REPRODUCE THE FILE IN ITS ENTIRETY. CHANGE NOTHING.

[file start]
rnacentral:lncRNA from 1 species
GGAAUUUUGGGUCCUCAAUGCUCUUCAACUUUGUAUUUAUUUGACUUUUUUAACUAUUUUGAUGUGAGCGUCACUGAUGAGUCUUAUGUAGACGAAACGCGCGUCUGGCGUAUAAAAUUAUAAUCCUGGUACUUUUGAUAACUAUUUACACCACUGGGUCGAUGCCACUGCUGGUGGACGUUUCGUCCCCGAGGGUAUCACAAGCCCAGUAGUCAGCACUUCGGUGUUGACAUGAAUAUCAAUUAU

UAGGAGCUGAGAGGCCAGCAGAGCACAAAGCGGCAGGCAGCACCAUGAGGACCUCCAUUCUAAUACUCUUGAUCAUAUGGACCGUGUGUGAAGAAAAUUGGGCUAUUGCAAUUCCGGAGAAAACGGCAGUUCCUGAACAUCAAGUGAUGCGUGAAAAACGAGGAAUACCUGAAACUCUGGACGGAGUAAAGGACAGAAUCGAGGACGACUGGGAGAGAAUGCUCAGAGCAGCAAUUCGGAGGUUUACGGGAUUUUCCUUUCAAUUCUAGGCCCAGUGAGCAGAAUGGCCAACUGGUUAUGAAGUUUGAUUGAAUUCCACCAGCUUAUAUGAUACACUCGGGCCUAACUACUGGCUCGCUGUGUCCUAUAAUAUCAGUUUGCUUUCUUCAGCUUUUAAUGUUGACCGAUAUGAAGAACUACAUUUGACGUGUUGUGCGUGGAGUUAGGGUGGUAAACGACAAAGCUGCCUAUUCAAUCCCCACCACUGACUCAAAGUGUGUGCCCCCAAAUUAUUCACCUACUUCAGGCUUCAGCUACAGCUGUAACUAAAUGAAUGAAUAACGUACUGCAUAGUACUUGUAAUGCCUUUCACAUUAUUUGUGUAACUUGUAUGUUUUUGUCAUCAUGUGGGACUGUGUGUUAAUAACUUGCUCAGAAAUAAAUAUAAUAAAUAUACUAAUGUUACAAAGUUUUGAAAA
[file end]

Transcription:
rnacentral:lncRNA from 1 species
GGAAUUUUGGGUCCUCAAUGCUCUUCAACUUUGUAUUUAUUUGACUUUUUUAACUAUUUUGAUGUGAGCGUCACUGAUGAGUCUUAUGUAGACGAAACGCGCGUCUGGCGUAUAAAAUUAUAAUCCUGGUACUUUUGAUAACUAUUUACACCACUGGGUCGAUGCCACUGCUGGUGGACGUUUCGUCCCCGAGGGUAUCACAAGCCCAGUAGUCAGCACUUCGGUGUUGACAUGAAUAUCAAUUAU

UAGGAGCUGAGAGGCCAGCAGAGCACAAAGCGGCAGGCAGCACCAUGAGGACCUCCAUUCUAAUACUCUUGAUCAUAUGGACCGUGUGUGAAGAAAAUUGGGCUAUUGCAAUUCCGGAGAAAACGGCAGUUCCUGAACAUCAAGUGAUGCGUGAAAAACGAGGAAUACCUGAAACUCUGGACGGAGUAAAGGACAGAAUCGAGGACGACUGGGAGAGAAUGCUCAGAGCAGCAAUUCGGAGGUUUACGGGAUUUUCCUUUCAAUUCUAGGCCCAGUGAGCAGAAUGGCCAACUGGUUAUGAAGUUUGAUUGAAUUCCACCAGCUUAUAUGAUACACUCGGGCCUAACUACUGGCUCGCUGUGUCCUAUAAUAUCAGUUUGCUUUCUUCAGCUUUUAAUGUUGACCGAUAUGAAGAACUACAUUUGACGUGUUGUGCGUGGAGUUAGGGUGGUAAACGACAAAGCUGCCUAUUCAAUCCCCACCACUGACUCAAAGUGUGUGCCCCCAAAUUAUUCACCUACUUCAGGCUUCAGCUACAGCUGUAACUAAAUGAAUGAAUAACGUACUGCAUAGUACUUGUAAUGCCUUUCACAUUAUUUGUGUAACUUGUAUGUUUUUGUCAUCAUGUGGGACUGUGUGUUAAUAACUUGCUCAGAAAUAAAUAUAAUAAAUAUACUAAUGUUACAAAGUUUUGAAAA